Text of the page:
Thomas Jones (25/87) returned to action after missing last week's game to rest his sore ribs. Jones played well. He was facing the second-ranked rushing defense in the league. Most of his yards were tough runs where he made a defender miss behind the line and eked out four yards. He made some excellent cutbacks as well. Overall, it wasn't the kind of game-breaking performance that many have come to expect, but he was the kind of steadying force that allowed Kyle Orton to continually see third down and five yards instead of ten or more. Adrian Peterson (4/37) was given a series to show off his fresh legs, and to keep Jones well-rested. Peterson picked up where he left off a week ago, ripping off nine and nineteen-yard gains to lead a drive from the Bears' own 16-yard line into plus territory. Bryan Johnson (2-6) had a decent overall game that was only marred by a holding penalty. The Panthers lost linebacker Dan Morgan early in the contest to a leg injury. Overall, the backs did just enough to keep the Panthers off the field. GRADE: B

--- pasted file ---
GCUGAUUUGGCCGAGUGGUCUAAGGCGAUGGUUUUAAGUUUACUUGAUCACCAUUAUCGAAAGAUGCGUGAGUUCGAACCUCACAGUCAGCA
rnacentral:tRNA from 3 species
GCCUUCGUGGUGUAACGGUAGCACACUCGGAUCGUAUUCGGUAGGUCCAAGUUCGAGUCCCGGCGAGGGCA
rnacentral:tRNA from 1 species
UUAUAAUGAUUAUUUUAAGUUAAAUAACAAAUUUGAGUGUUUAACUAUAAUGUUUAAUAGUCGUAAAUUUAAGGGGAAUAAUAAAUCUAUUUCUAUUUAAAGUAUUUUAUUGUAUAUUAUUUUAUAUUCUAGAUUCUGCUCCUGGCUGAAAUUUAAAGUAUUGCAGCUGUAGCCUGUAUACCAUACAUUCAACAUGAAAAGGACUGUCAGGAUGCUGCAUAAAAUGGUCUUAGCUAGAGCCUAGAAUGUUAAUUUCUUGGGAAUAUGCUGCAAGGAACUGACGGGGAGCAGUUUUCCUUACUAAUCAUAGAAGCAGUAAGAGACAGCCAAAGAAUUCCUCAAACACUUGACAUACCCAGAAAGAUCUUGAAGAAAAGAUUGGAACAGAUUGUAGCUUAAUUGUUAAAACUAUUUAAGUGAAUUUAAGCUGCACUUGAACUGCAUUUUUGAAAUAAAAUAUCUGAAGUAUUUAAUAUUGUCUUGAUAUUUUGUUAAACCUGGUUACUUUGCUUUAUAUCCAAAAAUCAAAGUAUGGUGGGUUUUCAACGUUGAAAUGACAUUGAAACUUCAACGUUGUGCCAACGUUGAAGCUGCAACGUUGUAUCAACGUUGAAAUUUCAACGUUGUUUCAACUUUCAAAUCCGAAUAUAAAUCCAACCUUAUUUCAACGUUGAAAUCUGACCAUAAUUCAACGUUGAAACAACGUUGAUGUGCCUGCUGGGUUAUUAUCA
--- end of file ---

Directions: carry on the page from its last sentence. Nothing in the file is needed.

Muhsin Muhammad (6-49, TD) struggled through a personally emotional game, facing his former teammates. He held on for a 3-yard touchdown reception and also made someone miss on a short route but failed to catch four different passes that were on his hands. One of them, along the left sideline and between two defenders, could have been forgiven. However, he dropped a perfectly thrown post route in the end zone, and then bobbled a slant that the defense came away with for an interception. Justin Gage (7-81) had a marvelous game. He caught everything Orton threw at him. He used his body to shield defenders well on the slants and skinny posts. He then showed great body control in making a leaping, twisting catch along the sideline. Gage kept his feet in bounds as he came down, and held onto the ball as he was getting hit. Carolina reviewed the play and the ruling on the field was upheld. Perhaps the more impressive part of Gage's performance was his blocking. He ensured Muhammad was able to get positive yardage on the hitch routes by erasing the inside defender every time. Tight end Desmond Clark had two drops, but also made a key block for an off tackle run by Jones for 8 yards. As a group, the drops are difficult to forgive. They literally took points off the board. The blocking helped offset the shortcomings. GRADE: D+